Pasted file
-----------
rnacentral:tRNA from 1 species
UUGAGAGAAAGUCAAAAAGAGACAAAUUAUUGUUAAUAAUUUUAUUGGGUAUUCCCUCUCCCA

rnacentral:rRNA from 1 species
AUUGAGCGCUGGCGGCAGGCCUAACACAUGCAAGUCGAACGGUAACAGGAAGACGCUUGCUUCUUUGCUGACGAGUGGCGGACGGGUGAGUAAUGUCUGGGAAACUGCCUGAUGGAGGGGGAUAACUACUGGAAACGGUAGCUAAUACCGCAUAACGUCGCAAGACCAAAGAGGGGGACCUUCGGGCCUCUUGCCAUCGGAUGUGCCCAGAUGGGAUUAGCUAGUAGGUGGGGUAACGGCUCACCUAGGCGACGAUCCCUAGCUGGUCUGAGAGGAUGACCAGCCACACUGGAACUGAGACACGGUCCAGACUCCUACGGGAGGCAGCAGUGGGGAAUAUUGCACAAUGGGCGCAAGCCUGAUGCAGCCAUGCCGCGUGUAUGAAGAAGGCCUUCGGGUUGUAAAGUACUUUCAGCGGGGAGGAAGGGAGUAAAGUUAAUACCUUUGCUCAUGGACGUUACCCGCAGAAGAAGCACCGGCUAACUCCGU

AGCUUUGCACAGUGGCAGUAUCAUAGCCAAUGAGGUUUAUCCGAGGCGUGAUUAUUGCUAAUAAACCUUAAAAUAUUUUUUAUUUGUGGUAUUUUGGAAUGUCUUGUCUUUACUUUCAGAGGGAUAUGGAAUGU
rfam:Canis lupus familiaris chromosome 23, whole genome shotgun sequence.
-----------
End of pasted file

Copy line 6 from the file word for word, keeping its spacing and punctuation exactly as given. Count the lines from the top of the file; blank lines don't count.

rfam:Canis lupus familiaris chromosome 23, whole genome shotgun sequence.